Answers and certainty, that’s what I like, what I want. Perhaps that is why I don’t care for the word “mystery.” At best it seems like a cop out, a deflection, a way not to answer the question, as in “It’s a mystery!” At its worst, “mystery” seems like an admission of failure, the shorter equivalent of “I don’t know” which can be understood as “I couldn’t/can’t figure it out.” And, damn it, shouldn’t I, in this Google-age, know or at least be able to figure it out, whatever “it” is?
In her essay on “Mystery” Rachel Remen approaches mystery from a different perspective:
“Perhaps real wisdom lies in not seeking answers at all. Any answer we find will not be true for long. Any answer is a place where we can fall asleep as life moves past us to its next question. After all these years I have begun to wonder if the secret of living well is not having all the answers but in pursuing unanswerable questions in good company.”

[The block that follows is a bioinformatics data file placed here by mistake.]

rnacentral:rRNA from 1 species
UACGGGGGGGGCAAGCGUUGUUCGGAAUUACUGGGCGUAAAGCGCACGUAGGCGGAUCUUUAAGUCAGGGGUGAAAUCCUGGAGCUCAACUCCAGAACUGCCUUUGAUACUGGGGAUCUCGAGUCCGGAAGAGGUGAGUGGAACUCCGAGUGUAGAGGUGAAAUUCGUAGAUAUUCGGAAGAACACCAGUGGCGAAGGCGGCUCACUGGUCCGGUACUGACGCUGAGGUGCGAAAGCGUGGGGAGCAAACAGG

Elsewhere she notes: “Mystery requires that we relinquish an endless search for answers and become willing to not understand.”
In all this it occurs to me that if I can come up with answers for all of the questions I have, then I should consider asking some different questions. Knowledge may be found through the Google search engine, but not wisdom.
But I do like that thought, “pursuing unanswerable questions in good company.”